Eddy Says

Eddy Says: It’s OK, we’re all on the same side here

By | Published on Thursday 29 November 2012

Eddy Temple-Morris

The end of 2012 is nigh, this time next week it’ll be December. And that means one thing. Well, two. It means we’ll soon know if the Mayans were right about that whole end of the world thing, but also that it’s time to start looking back at music just gone and music to come. For his latest column, Eddy Temple-Morris has pulled together a selection of his favourite new artists, all of whom make us really hope the Mayans were wrong. But first, he has a little story about another tips list.

“You want me to do what?”

I was floored by the request. OK, not so much the request as whom it came from.

“The BBC want you to contribute to their Sound Of 2013 poll”.
“After all that kerfuffle that time?”
“We didn’t even know about the kerfuffle…”

So now I had to explain the kerfuffle.

Years ago, when my last compilation album came out, a few of the more friendly Radio 1 DJs whom I’d had on my Xfm show when they had something to promote wanted to reciprocate, and I was pencilled in to do some mixes on their shows, live or otherwise, as they had done for me.

I’ve always called a ‘radio amnesty’ in these situations. Most specialist radio DJs are artists in their own right, and I think it’s hideously unfair to hobble them for the fact they have an outlet on a ‘competitor’ station. I’m always bigging up Radio 1 DJs on Xfm, and sometimes I get mentioned on other stations, and that’s the way it should be.

These people were all artists before they were on Radio 1 and they’ll continue to be artists long after they’ve left Radio 1. It’s the same for me and almost all of us, we are hired by our respective radio stations BECAUSE of who were are, not IN SPITE of it.

Unfortunately my colleagues’ BBC producers didn’t see it that way at the time. In an astonishingly mean spirited way, they laid down corporate law and said, “No, you can’t have Eddy on the show, he’s an Xfm DJ”.

So the reciprocal mixes never happened, I had embarrassed calls and emails from friends and colleagues, and messages via the increasingly frustrated radio plugger working the album and banging his head against a brick wall.

The lovely Loose Cannons had me on their Kiss FM show, but my dear Auntie Beeb, for whom I’d worked for years, whom I’d held so close to my heart, went all frosty on me, closed her once welcoming bingo wings and refused to give me a long overdue hug.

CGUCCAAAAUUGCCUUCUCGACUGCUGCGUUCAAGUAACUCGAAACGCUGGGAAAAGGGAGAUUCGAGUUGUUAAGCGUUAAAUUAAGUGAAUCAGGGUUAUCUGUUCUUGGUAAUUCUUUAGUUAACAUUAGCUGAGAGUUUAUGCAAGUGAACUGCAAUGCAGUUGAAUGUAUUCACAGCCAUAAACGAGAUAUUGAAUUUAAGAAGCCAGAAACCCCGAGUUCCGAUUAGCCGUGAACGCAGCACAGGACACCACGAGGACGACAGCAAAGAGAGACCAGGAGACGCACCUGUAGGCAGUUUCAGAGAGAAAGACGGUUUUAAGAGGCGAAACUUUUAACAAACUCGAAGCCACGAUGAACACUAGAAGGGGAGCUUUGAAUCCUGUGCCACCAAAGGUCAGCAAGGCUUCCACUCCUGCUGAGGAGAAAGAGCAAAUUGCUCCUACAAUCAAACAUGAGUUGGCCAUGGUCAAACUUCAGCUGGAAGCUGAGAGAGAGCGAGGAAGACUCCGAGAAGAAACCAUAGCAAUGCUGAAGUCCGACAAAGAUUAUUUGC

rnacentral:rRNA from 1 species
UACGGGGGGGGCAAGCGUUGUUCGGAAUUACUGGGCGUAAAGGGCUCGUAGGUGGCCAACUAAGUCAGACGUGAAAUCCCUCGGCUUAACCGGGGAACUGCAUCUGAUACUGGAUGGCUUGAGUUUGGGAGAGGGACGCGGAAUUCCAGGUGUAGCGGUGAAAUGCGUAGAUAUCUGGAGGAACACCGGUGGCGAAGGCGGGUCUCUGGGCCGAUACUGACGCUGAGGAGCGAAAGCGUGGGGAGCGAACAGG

That was ‘The Kerfuffle’. And you can probably see why I was so surprised to now be asked into the ‘Sound Of’ panel.

The thing is, I don’t see other specialist presenters as the enemy. I don’t see them as competitors. I see them as allies. We’re all on the same side, we’re fighting the good fight to keep new music on the airwaves, to feed the mainstream from the outer channels, to find, help develop and encourage new bands, artists, producers, tweak-heads and fader pushers.

New Music, as a concept, sounds sexy to you and I, but to a shareholder of an independent local radio station, or a BBC exec looking for ratings, to the accountants upstairs, or the new boss looking for more bums on seats, it’s the enemy… the unfamiliar. It’s a challenge to the status quo.

Jesus, even the BBC was prepared, for a time, to throw their charter out of the window and axe 6music. I was one of the most outspoken and vigorous opponents of that insane move. We – those presenting specialist shows on commercial radio, and those working for BBC services like 6 – really are on the same side, and it really is a battle. It’s a constant battle against the accountant who’ll maintain that by simply having a computer segue songs by Snow Patrol into songs by Coldplay, “research shows we will save money and rate higher than [insert name of specialist here]”.

So, united by a common enemy, and an innate sense of fair play, I let bygones be bygones and took the recent request to select the new artists I’m currently most excited about in the spirit with which it was offered, and feel utterly delighted to be part of such a high profile promotion of that golden thing, music that is so fresh it’s still not connected with its audience.

Heartfelt thanks to the Kate Holder and the BBC Sound Of 2013 team therefore, I applaud your new sense of togetherness, we are clearly cut from the same cloth and my hat goes off to you.

I, along with 212 other new music lovers from within and outside the BBC, was asked to pick three artists and one under-rated album. The terms and conditions I agreed to prevent me from sharing these choices with you now, but as our thoughts, at the end of the year, turn towards the next and what’s on the horizon, I’d like to share with you a wider selection of artists I’m really looking forward to hearing more from in 2013. My three choices may or may not be in here. This is just something I do at this time of year anyway.